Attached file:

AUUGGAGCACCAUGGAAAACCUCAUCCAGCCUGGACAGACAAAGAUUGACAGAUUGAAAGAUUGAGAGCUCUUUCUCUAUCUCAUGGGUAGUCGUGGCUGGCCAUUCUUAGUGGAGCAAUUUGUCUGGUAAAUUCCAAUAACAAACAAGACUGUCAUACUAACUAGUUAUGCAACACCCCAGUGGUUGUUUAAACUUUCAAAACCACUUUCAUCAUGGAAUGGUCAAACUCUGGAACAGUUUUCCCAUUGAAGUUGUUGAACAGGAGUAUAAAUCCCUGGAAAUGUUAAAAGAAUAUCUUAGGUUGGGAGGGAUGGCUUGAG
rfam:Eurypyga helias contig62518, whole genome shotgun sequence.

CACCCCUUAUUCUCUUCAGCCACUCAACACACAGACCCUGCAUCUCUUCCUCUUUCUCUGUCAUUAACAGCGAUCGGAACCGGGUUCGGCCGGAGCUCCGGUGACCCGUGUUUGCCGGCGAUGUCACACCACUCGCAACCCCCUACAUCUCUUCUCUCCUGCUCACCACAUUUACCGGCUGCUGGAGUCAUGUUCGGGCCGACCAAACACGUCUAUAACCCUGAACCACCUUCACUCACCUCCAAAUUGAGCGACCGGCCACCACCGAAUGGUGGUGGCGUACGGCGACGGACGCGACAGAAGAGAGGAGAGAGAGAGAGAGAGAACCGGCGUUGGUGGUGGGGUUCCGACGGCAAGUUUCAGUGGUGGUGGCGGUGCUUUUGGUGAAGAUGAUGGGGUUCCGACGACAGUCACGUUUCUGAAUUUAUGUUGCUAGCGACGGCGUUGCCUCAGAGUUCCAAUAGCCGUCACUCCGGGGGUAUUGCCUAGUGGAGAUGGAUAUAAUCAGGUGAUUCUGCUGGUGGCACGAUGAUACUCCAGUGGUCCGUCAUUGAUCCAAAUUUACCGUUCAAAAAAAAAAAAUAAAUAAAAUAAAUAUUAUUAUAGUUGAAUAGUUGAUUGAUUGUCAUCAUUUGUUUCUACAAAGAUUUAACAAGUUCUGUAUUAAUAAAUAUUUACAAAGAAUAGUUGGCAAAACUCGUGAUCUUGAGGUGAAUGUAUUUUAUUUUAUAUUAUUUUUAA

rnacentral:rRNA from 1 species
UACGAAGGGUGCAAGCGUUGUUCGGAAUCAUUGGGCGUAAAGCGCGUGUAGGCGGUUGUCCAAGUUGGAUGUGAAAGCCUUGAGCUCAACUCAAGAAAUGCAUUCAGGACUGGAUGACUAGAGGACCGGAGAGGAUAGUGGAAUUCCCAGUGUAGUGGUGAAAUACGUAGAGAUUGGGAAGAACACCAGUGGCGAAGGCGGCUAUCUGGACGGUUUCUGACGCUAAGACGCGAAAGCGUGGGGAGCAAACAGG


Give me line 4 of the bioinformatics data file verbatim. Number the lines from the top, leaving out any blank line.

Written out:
rnacentral:rRNA from 1 species